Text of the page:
C+ Sound: C+ Extras: C+ Documentary: B-
34-years-old, New Orleans Saints star football player Steve Gleason
was diagnosed with the awful illness ALS, a disabling disease that
slowly stops a person from being able to not only control their body
muscles and movements, but even the involuntary functions like
breathing cease. This nightmare illness needs to be eliminated ASAP,
but to Gleason's credit, he started recording himself starting with
finding out and showing his slow decline suffering from this. That
footage, new interviews and more make up J. Clay Twell's new
documentary Gleason (2016).
we learn of the illness, we see Gleason, his life and his amazing
success as an NFL player, beloved, respected and it is not with the
hype some of the phonier players made to be 'good guys' (and were
not) get when the whole NFL is being sold to the public. He helped
the team make a comeback after the nightmare flooding and
environmental hurricane disaster that happened to his city and
surrounds areas (made famously worse by poor, even politicized)
governmental failures to help people. That sets us up for this vital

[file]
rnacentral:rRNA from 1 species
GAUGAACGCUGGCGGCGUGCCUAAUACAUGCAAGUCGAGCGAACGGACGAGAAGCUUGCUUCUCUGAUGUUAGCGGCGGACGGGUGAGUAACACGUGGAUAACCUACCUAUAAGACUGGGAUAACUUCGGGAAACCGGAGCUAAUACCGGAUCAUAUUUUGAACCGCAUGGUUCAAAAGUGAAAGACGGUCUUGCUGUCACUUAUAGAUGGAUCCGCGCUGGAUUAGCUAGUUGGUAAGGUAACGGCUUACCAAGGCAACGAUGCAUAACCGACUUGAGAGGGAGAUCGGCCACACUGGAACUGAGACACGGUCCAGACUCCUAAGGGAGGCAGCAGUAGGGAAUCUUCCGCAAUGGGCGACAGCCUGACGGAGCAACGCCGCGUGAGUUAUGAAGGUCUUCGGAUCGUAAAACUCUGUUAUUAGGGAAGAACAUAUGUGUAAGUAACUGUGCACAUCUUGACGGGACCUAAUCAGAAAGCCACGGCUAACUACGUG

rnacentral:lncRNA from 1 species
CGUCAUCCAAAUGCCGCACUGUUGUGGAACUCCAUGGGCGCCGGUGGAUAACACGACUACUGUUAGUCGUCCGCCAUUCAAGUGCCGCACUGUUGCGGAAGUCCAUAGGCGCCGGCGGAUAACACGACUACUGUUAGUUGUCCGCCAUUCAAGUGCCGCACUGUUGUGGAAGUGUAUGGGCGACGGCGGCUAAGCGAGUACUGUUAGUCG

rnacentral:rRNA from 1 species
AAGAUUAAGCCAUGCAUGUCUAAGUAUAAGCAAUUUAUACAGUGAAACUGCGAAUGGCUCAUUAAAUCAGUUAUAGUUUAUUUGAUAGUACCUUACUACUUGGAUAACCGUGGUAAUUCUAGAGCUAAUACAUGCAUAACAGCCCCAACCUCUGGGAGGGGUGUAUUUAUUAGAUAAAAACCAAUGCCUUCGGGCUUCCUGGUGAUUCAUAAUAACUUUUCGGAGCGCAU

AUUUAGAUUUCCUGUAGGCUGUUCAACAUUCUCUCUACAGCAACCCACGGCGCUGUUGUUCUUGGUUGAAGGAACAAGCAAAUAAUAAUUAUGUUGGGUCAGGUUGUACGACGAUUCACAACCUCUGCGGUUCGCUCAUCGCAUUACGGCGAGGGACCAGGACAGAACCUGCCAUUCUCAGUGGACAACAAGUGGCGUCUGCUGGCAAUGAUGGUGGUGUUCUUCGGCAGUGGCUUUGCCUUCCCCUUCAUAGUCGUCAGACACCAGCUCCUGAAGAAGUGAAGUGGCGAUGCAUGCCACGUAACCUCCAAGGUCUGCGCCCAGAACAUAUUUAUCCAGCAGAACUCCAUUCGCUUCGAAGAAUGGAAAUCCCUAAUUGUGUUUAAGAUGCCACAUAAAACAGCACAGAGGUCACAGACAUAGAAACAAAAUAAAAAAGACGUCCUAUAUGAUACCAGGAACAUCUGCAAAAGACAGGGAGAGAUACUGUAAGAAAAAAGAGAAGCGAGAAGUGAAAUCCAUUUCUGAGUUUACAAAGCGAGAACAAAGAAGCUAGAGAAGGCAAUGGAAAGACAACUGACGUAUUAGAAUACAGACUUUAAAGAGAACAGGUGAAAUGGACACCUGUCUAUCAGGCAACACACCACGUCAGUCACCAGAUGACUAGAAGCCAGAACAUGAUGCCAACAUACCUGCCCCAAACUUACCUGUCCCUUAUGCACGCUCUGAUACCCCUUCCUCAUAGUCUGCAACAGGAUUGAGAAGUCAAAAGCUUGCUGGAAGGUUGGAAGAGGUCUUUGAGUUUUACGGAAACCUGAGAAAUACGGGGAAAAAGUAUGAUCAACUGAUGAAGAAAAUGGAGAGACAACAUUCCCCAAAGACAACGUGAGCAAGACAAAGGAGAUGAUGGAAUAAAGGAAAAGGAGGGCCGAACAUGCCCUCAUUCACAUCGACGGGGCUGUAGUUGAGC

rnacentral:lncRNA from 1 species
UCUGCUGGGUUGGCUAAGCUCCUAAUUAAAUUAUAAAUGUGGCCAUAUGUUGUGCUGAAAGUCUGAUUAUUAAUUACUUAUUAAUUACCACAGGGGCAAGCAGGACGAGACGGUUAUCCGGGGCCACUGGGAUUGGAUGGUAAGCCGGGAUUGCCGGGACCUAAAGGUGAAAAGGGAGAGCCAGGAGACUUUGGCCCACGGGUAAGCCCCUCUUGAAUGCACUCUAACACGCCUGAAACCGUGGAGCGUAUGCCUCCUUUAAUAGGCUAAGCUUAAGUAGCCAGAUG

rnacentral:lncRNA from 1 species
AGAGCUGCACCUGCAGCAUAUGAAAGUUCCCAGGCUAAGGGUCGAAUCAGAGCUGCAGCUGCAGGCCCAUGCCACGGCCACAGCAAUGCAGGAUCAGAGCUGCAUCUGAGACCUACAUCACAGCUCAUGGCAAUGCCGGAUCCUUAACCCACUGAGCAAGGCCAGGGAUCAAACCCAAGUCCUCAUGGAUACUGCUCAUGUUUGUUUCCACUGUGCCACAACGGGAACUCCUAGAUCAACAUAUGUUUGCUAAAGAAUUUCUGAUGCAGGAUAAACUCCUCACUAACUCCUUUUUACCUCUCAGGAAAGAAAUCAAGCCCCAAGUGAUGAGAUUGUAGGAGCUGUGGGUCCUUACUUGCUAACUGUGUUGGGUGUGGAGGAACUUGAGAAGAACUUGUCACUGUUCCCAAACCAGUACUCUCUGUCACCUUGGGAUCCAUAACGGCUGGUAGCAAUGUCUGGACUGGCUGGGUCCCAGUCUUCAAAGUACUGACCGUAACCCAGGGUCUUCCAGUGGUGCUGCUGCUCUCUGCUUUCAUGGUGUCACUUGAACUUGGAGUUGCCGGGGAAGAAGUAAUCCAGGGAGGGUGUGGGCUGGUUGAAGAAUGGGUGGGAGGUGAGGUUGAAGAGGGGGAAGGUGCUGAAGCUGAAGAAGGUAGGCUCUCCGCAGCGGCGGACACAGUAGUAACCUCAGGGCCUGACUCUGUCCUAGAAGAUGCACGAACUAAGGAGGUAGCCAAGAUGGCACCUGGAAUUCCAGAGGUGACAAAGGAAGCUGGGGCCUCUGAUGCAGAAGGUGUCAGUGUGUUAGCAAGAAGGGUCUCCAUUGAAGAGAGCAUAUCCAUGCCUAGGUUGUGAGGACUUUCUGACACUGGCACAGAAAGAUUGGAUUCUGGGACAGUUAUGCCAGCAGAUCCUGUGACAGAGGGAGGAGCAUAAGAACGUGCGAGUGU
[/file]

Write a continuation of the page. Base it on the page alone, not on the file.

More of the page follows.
chronicle of how his health was ruined by ALS and sadly, he is far
from the only person this has struck.
also give credit to his friends and family for fighting back to help
him, get more recognition to the disease an help for (including
funding) to slow it down and cure it. This also becomes a character
study of the man, those he loves, those who love him and more triumph
against a really bad run of luck for New Orleans. Even if you're not
a football or sports fan, this was very informative and
unfortunately, we're probably going to see more ALS cases for a while
before it gets solved. Thanks to Steve Gleason using his celebrity
to expose it to a wider audience before it took him on, there's more
hope it can be solved.
anamorphically enhanced 1.78 X 1 image is a mix of new HD video,
broadcast TV video (analog NTSC and digital) and his own digital
video, but we get flaws in the earlier work including image warping,
video noise, video banding, cross color, faded color and digititis.
Still, this looks good for such a documentary and as good as it can
in this format. The lossy Dolby Digital 5.1 is a mix of newly
recorded audio for the program and older sources that can be
feature length audio commentary track by the Director and Michel
Varisco, Gleason's wife, is the only extra. However, despite not
talking all the way through all the time, it is also another view
into the events of the main program.